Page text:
Bird is the creative director of UK-based Knifedge Creative Network, and a 12-person team there was responsible for the show. A key player was production projection engineer and media programmer Sam Hopkins, “who took this new technology and got us to do what we wanted,” Bird says. XL Video UK was another valued team member. “They've been extremely supportive; indeed, when we started, we were short on money, and there was a degree of working for the love of the project, without which this might not have happened. The show runs largely QuickTime movies, created using Macintosh technology. All of it fits on Macintosh G5 media servers, running Catalyst software that allows us to treat the content.”

A Wholehog 3 console from High End Systems guides the projections. An ETC Obsession II triggers the Wholehog 3 and the PRG Virtuosos used for the lighting, via MIDI. The cues are called by the stage manager or triggered by timecode or a footswitch under the conductor's piano via the sound console. The projectors include six Barco CLM R10+units, upgraded from London's package of Sanyo XP56s.

“We totally reprogrammed from scratch, and our librarian, Ciara Fanning, kept track of all the content,” Hopkins says. “The Barcos provide brighter output for the larger room and can compete with the larger lighting rig. We had ESP Vision make us up correct projector fixtures and lenses for pre-visualization; they also implemented aspect ratio as a feature for us so that we could correctly pre-author the content. In New York, we authored content to wrap around the scenic elements, particularly the downstage wall returns, allowing us to get a better horizon line; team leader Nina Wilson and I spent hours getting this sorted in Vision. At Studio 54, we mounted the projectors on the FOH truss instead of the balcony rail. This gave us a much higher angle, meaning we wiped out on the actors less. It also meant it was much harder to get at them, hence the very useful Barco network control where I could adjust the projectors from my laptop wirelessly from the house.”

All of the projections were created far in advance, with the final video for New York locked in last November. “It's a much different schedule than what theatre practitioners are used to, and the language is different,” Bird says. “The creative team spent a long time planning how it would work, with Sam and Christopher Gattelli, who did the musical staging. Everyone had to understand what would be moving and when it would do so. The music was a tremendous help; you can time the movement to the beat. And all the performers threw themselves into the project, particularly Daniel, who has an absolutely metronomic understanding of musical pace, and the prerecorded visuals we're using fits with that. We spent a lot of time filming him for ‘Putting it Together,’ and he knows exactly how to respond to something that might be a little cold and mechanical and make it real and human.”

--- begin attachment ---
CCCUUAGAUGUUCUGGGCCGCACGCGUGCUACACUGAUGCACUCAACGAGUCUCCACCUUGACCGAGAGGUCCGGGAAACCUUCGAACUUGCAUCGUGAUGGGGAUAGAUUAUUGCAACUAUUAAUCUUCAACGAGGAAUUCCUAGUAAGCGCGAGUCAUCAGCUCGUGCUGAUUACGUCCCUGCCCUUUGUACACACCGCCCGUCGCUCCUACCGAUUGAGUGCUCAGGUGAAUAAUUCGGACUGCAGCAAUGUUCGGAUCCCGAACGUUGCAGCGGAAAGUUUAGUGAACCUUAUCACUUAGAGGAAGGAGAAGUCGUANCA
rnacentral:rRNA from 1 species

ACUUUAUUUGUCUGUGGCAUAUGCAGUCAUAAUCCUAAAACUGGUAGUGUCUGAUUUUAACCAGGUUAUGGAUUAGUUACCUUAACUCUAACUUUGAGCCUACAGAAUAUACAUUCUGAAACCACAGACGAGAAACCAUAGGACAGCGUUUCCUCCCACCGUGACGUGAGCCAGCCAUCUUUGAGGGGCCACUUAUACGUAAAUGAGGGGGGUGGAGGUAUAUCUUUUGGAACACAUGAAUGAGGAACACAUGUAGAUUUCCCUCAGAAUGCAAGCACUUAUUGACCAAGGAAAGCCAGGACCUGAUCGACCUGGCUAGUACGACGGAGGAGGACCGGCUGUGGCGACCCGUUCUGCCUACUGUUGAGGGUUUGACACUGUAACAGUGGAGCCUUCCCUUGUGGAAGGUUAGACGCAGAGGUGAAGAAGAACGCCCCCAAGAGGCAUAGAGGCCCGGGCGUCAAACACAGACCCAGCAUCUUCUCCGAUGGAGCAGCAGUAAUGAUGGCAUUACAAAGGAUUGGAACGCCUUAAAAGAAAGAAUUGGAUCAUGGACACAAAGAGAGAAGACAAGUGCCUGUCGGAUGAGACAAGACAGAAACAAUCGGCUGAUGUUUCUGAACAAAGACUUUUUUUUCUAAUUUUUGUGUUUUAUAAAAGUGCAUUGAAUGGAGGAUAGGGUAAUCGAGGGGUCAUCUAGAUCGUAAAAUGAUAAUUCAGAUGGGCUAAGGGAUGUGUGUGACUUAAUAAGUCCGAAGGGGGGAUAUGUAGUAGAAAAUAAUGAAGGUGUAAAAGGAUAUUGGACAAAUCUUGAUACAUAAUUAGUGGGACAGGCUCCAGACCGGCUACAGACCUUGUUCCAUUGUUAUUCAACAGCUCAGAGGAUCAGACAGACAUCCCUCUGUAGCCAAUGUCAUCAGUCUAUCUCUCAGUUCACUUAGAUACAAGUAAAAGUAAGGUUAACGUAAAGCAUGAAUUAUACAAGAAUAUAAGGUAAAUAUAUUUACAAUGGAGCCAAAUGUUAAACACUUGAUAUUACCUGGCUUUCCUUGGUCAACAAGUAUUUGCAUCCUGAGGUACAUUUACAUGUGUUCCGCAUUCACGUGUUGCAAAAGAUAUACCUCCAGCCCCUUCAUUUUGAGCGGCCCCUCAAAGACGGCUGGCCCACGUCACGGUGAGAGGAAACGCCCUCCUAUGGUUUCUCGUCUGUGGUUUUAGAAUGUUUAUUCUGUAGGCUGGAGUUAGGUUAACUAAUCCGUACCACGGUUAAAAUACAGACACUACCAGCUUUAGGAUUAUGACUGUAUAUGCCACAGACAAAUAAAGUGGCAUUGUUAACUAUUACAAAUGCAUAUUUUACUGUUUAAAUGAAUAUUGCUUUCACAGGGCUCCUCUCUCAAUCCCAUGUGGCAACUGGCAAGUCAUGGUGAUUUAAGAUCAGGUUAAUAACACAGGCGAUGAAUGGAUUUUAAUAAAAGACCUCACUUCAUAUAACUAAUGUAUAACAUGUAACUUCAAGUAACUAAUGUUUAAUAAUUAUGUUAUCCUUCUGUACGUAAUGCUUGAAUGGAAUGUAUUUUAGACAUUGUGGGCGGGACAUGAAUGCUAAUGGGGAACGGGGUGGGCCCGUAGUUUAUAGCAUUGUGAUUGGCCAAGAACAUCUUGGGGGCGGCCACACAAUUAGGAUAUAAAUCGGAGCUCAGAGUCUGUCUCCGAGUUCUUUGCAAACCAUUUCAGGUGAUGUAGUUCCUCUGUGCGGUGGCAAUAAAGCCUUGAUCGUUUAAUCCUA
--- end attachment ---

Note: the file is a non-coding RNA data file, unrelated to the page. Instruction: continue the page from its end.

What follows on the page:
The larger venue is an asset. “Studio 54 has more scale and height to it, with a bit more breathing space on the stage for the performers,” Bird continues. “This makes it easier not to hit performers with projection, which you don't want the audience to see happening. And with Ken Billington and his team on the job — who were fantastic — there was minimal chance of the actors casting shadows given how their rig was devised. It's a more hurried process technically in the UK, whereas in New York, we were more systematic. We were able to more seamlessly match the projection with the lighting during a one-week projection tech rehearsal before the actors arrived on the set, which was great.”

Farley also worked hand-in-glove with the projections unit. Once “costumes” for the animated characters were decided upon, Farley hand-painted the performers' garbs to reinforce the pointillist patterning. The designer was also able to more fully automate his set design, which was inspired by the work of video artist Tony Oursler, in New York. “It's a very pleasing moment for me when all the doors close together at the button of a number,” he says.

Regarding the bigger picture, Farley comments, “Everything that we project onto comes from George's studio. As the park comes together on stage, it's as if George has set up a still life in his studio and is painting from that, as well as from his sketches. That let us hang the drapery creatively all over the set.” Brent Porter and Isabel Martinez at Rose Brand contributed two trees, made of heavyweight crème marvel velour that are sewn in three pieces that descend to the stage deck in a tree shape, complementing the design.

Putting it together all the more is the LD. “Projections don't scare me. You just have to deal with them,” Billington says. He had seen the Chocolate Factory production, “and was blown away by it, thinking it was the best use of projection I'd ever seen theatrically. When I got involved, I found that Sam knew the piece perfectly but was willing to consider new ideas I brought to the table.

“The first thing I said was, ‘Sunday — ‘day’ being the key word here.’ It can't be dark; it has to be bright,” Billington says. “Lighting a show like this has to be very specific so you don't wash out the projections, which doesn't happen here because the projectors are bright enough. But at many projection shows I've seen, I've said while watching them, ‘Oh, please, can we turn the projectors off and turn the lights on?’ I didn't want to fall into that and have characters running around in half-light saying, ‘What a beautiful Sunday.’”